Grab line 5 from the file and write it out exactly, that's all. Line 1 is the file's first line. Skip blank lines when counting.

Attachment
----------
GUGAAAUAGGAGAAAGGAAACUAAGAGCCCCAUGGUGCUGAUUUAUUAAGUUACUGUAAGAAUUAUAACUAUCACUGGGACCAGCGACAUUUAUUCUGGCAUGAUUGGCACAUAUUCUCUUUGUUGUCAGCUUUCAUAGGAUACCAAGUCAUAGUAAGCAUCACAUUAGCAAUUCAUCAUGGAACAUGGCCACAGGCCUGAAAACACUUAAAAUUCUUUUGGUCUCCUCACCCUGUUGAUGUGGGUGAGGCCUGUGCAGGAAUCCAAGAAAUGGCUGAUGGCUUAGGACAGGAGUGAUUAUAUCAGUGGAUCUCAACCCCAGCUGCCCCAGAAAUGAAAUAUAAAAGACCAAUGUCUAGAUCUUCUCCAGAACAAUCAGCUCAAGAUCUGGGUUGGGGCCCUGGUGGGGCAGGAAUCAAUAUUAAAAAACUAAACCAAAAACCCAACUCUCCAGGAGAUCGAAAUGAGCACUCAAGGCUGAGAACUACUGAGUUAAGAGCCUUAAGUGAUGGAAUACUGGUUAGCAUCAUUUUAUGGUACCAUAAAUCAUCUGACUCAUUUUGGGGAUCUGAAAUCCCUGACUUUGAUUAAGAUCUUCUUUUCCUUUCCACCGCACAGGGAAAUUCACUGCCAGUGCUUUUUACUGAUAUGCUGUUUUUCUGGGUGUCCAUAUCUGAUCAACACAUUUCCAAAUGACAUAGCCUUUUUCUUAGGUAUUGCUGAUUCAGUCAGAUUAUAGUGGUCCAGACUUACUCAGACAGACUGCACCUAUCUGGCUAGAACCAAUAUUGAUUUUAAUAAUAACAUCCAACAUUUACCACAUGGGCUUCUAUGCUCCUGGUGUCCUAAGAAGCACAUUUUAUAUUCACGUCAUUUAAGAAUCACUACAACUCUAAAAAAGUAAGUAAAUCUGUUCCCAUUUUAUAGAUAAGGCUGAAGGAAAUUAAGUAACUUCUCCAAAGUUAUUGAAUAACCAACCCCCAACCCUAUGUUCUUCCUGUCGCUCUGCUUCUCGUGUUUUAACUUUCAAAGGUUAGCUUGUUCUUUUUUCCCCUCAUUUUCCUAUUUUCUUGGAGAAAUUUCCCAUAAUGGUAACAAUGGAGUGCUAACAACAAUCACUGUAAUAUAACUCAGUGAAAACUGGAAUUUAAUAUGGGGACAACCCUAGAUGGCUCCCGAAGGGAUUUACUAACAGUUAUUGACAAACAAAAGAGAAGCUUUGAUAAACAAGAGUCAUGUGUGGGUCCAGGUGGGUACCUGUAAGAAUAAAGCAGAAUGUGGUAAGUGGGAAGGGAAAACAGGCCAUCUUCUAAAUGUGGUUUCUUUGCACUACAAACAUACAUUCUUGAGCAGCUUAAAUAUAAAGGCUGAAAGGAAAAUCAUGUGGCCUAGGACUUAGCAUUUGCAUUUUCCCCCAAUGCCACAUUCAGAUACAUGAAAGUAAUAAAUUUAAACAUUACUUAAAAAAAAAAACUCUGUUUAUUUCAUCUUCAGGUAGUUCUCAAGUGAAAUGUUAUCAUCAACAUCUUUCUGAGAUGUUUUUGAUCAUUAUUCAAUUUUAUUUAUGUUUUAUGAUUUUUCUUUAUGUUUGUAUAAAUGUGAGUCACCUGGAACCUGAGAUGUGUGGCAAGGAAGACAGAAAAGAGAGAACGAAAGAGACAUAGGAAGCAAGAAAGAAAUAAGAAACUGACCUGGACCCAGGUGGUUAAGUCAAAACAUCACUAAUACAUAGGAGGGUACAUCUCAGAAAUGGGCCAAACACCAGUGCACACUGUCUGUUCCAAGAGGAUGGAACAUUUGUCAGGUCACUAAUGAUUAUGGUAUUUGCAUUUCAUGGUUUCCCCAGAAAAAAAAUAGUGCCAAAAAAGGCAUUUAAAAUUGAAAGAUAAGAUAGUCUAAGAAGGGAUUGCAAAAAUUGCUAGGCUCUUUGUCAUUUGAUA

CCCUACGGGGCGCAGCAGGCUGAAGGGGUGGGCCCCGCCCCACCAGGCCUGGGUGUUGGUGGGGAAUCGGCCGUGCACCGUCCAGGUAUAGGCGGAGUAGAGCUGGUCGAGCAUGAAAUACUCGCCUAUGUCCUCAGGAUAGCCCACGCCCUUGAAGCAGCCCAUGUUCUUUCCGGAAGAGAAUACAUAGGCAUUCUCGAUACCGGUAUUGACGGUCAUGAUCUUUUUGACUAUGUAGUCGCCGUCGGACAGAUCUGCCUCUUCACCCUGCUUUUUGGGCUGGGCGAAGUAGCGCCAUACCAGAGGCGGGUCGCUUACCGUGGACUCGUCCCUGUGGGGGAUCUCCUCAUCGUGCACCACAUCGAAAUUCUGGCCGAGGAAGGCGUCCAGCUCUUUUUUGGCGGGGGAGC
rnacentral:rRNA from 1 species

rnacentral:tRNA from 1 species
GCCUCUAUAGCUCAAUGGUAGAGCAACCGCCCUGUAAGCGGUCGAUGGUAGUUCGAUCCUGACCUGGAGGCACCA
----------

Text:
GCCUCUAUAGCUCAAUGGUAGAGCAACCGCCCUGUAAGCGGUCGAUGGUAGUUCGAUCCUGACCUGGAGGCACCA